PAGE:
“For the last 20 years, America’s superpower status in every realm has been largely unchallenged—something that’s never happened before in history, at least since the Roman Empire dominated the known world 2,000 years ago. During this Pax Americana, the global economy has accelerated dramatically. And that expansion is the driver behind the third great power shift of the modern age—the rise of the rest.” – Fareed Zakaria, “The Post-American World”
When Fareed Zakaria spoke of the Rise of the Rest, he meant the economic booms of India, China and Brazil, BIC countries that once included Russia before the great bear of the North got all Putinitive on South Ossetia. The American age of Pericles has come to an end, Zakaria argues, and a firm layer of rust has tarnished our shining city on a hill.
Nothing exemplifies the transition of America from life of the party to peripheral wall flower trying to get a dance with the beautiful mixed girl than 2 recent improbable rises to the top that are possible, ironically, only in America. First, the election of Barack Obama as the 44th President of the United States. Second, Slumdog Millionaire, a film about Indian orphans beating the odds, has opened in wide release in the United States and ranked 8th on last week’s box office list.
Obama and Slumdog have more than just their stories of underdog triumph in common. Their fans, their supporters, their Facebook friends endorse their objects of devotion with a shared blind fealty. Jokes at the expense of uninformed Obama supporters travelled the cable spectrum from The Daily Show to Fox News. Ask an Obama supporter for a specific reason why they voted for the President-Elect and most responses were vaguer than an AP English final essay.
Likewise for Slumdog Millionaire. Express a less than favorable review of the film and die-hard fans will dismiss you, as liberals often do to those with ideas, as a “hater” or “contrary.” Ask them, however, for specific reasons why they enjoyed the film and as with Obama supporters you will most likely hear one of two things: 1) Um, because…2) something they are regurgitating from an article in either the New Yorker, New York Times, Slate or whatever website provides the hot opinions du jour.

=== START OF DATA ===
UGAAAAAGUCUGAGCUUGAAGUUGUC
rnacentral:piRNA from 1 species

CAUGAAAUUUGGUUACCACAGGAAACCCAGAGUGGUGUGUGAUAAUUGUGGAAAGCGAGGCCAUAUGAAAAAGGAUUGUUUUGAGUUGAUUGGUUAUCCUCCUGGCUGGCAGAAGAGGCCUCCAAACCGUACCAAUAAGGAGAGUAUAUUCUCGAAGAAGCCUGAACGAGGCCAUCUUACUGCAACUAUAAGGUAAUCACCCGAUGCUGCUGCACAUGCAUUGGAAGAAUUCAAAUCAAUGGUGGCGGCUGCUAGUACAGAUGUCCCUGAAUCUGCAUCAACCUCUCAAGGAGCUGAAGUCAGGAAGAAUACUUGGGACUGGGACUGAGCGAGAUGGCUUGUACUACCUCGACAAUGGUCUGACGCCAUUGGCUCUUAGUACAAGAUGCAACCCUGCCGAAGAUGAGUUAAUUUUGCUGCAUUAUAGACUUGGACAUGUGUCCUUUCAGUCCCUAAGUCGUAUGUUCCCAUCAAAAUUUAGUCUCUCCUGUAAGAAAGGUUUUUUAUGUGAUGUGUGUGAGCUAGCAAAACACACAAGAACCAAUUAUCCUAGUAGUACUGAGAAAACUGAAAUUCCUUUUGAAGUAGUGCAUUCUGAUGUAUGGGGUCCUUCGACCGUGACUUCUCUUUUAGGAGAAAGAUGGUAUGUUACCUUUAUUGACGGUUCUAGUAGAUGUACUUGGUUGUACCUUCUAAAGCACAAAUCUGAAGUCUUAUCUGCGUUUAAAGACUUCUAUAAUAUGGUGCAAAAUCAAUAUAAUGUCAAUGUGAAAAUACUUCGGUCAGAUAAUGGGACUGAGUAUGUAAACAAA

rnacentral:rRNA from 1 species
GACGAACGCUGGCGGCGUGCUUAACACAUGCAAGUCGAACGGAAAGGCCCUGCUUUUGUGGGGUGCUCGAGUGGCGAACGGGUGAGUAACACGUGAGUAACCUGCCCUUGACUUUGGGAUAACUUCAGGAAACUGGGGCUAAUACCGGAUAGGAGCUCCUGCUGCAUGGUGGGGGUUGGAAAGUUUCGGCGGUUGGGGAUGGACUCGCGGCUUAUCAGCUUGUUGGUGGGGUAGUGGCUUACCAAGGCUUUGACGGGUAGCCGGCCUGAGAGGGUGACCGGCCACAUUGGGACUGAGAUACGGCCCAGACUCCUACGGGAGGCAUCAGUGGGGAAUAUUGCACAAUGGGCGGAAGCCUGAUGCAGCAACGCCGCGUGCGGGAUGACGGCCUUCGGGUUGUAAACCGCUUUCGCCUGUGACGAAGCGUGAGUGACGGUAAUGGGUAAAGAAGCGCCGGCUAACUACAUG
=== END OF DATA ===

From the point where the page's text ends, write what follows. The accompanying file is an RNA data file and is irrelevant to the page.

Perhaps movies like Slumdog Millionaire and Presidential contenders such as Barack Obama are no better or no worse than the films and white men that have come before them. Perhaps they are average, and perhaps even below-average, products perfectly shaped by the current trends of a Post-American world where the Other has suddenly become the Object of affection.
If Barack Obama were white, would street-art mavens stencil his silhouette against brick walls in iconography reminiscent of Che, King and Malcolm? If Slumdog Millionaire took place in Serbia would anyone be heralding it as the future of cinema? Critics would still most likely rave, but what about the bloggers and annoying chicks who talk hard about fixed gears in coffee shops downtown? Do you all really have opinions or are you mouthpieces for the pop culture vultures who fabricate trends and wrap them in zeitgeisty words like zeitgeist?
Barack Obama and Slumdog Millionaire are the small steps for man toward a broader future for mankind. Black is back; brown is down, and muslim’s be runnin’ this shit. The writing’s on the wall for 20th Century America. Fareed Zakaria probably spray painted the words next to a stenciled image of Obama in red and blue. As we transition into a future of wholly different values and expectations, I wonder if we’re embracing products of the time or if our interests are nothing more than runs and overs in a geopolitical test match.
Yeah, I’m talking cricket. America’s done so you better get familiar with the pasttimes of the rest of the world. Or just wait until it’s of the moment and buzzed about on blogs.